Tuesday, August 21, 2012

What is Succession?

Forest Garden Succession
(click on the image to enlarge)


In ecology, as well as in Permaculture, there is a concept known as succession. This is the idea that an ecosystem will transition through stages of growth and maturation. To look at it simply, an empty field will first grow weeds and grasses then shrubs and small fast growing trees then more mature, longer-lived trees until a forest is formed. The individual species and final result will vary depending on where in the world this occurs with its macroclimate and microclimates taken into account.

How do we define the basic steps in succession starting from a piece of bare, lifeless ground to a self-sustaining forest? There are a number of ways to categorize and describe it; following is the system I prefer:
  1. Bare soil – No life here at all
  2. Soil Initiation – Bacteria then Algae begin to grow and spread
  3. Crust – Lichens, Mosses
  4. Oldfield – Annual herbs and grasses, then Herbaceous perennials
  5. Oldfield Mosaic – Shrubs begin to grow, then Sun-loving trees
  6. Stand Initiation – Maturation of Sun-loving trees
  7. Understory Repression – the previous herbs, grasses, herbaceous perennials, and shrubs that cannot tolerate shade will die back
  8. Stand Differentiation – as faster lived trees die back, the slower growing trees fill in the gaps to complete the canopy layer
  9. Understory Reinitiation – this really occurs with Stand Differentiation, and is when shade tolerant plants (sub-canopy trees, shrubs, herbs, etc.) establish under the canopy layer
  10. Climax – this is the stable, self-replicating, self-sustaining ecosystem

Of course, since this is nature, there are a number of problems with any simplistic generalizations. First, there really is no place that naturally occurs where there is Bare Soil and no life. Man has created a few of these places, way too many, in fact, but they are very uncommon. Second, at the other end of our succession scale we find Climax. Unfortunately, in nature we rarely find a place that is in true Climax either.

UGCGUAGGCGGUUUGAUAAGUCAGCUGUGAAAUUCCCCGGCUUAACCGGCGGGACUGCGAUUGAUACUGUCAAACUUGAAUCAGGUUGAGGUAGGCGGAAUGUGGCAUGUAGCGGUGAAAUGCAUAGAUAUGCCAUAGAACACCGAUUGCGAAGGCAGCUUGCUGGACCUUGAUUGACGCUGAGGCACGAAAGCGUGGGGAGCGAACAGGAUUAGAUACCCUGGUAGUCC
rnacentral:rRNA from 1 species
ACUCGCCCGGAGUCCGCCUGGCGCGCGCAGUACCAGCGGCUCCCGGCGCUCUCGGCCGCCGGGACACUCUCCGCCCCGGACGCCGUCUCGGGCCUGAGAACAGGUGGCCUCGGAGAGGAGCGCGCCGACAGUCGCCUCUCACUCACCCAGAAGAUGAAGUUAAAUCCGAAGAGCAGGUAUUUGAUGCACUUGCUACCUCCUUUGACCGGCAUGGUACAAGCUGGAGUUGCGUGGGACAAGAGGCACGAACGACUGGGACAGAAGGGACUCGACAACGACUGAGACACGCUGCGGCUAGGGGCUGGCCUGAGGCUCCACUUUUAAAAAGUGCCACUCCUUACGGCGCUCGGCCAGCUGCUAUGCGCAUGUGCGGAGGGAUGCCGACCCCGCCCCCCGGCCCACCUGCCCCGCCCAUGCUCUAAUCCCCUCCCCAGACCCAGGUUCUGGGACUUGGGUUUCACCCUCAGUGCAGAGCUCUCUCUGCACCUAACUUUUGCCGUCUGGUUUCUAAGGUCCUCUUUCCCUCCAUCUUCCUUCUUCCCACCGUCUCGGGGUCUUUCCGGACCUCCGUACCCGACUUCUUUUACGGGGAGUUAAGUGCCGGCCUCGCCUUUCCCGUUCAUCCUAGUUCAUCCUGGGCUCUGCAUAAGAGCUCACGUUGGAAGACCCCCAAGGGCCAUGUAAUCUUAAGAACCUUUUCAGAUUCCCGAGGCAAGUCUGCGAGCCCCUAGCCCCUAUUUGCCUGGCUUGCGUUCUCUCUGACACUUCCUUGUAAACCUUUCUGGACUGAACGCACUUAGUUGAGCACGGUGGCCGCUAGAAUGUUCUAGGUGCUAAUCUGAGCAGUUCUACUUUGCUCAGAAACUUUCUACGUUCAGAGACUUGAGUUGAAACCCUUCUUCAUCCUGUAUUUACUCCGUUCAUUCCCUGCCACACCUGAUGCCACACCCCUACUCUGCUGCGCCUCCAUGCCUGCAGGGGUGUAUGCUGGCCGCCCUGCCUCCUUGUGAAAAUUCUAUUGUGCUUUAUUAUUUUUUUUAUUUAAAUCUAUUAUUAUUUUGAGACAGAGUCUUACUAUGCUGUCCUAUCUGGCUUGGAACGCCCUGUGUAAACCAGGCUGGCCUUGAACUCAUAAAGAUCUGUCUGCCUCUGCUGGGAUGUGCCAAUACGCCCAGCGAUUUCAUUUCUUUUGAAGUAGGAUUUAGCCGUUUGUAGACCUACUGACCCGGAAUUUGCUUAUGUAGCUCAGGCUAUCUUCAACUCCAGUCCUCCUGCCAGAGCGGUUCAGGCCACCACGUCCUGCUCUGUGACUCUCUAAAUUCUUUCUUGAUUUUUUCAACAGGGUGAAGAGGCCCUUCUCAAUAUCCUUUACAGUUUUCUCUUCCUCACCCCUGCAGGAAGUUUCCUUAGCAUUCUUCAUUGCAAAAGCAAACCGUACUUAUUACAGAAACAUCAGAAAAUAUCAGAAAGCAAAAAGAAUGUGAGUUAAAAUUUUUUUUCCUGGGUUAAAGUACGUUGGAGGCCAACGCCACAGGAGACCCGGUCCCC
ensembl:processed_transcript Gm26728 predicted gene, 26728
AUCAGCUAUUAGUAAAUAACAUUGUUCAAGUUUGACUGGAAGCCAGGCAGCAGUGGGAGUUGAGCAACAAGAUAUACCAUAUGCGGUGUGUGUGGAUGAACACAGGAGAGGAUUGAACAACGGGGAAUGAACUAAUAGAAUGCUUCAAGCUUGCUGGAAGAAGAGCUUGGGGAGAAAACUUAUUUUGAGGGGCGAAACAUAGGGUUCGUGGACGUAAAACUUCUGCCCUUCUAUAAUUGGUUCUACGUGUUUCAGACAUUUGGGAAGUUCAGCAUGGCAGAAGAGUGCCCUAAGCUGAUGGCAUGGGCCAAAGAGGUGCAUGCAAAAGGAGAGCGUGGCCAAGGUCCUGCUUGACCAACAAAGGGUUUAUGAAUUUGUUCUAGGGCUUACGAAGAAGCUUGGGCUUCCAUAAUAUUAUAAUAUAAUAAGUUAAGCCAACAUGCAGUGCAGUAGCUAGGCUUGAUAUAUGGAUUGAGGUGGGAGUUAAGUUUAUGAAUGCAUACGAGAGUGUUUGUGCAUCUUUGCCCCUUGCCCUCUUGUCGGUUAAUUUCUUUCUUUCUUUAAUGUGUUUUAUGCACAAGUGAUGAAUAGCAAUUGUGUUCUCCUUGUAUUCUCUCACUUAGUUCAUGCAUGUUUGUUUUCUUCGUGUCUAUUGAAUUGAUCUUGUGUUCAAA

Third, succession is not linear. What we really see in nature is a piece of land in various stages of succession. There may be a large forest somewhere close to a Climax stage when a storm blows down a massive tree. The sudden opening of the canopy, which lets in a lot more light, causes that one section to revert many years or decades, maybe to the Oldfield stage. Forest fires, floods, drought, pests, disease, and man-made interventions like logging, mining, etc. can all cause a disturbance in the natural progression of linear succession. What we actually see in nature is a constant cycling back around through these stages. This is known as a Shifting Mosaic.

In the Shifting Mosaic theory there are a few phases:
  1. Primary Succession – described above
  2. Disturbance – described above
  3. Reorganization – the ecosystem reestablishes control of the energy flows of nutrients, sunlight, water, etc.
  4. Aggradation Stage – this is just a fancy way of saying the “building up” stage; has also been called Secondary Succession
  5. Transition – this is where the ecosystem is maturing, but is not yet at the Climax stage
  6. Steady State – this is another way of describing the Climax stage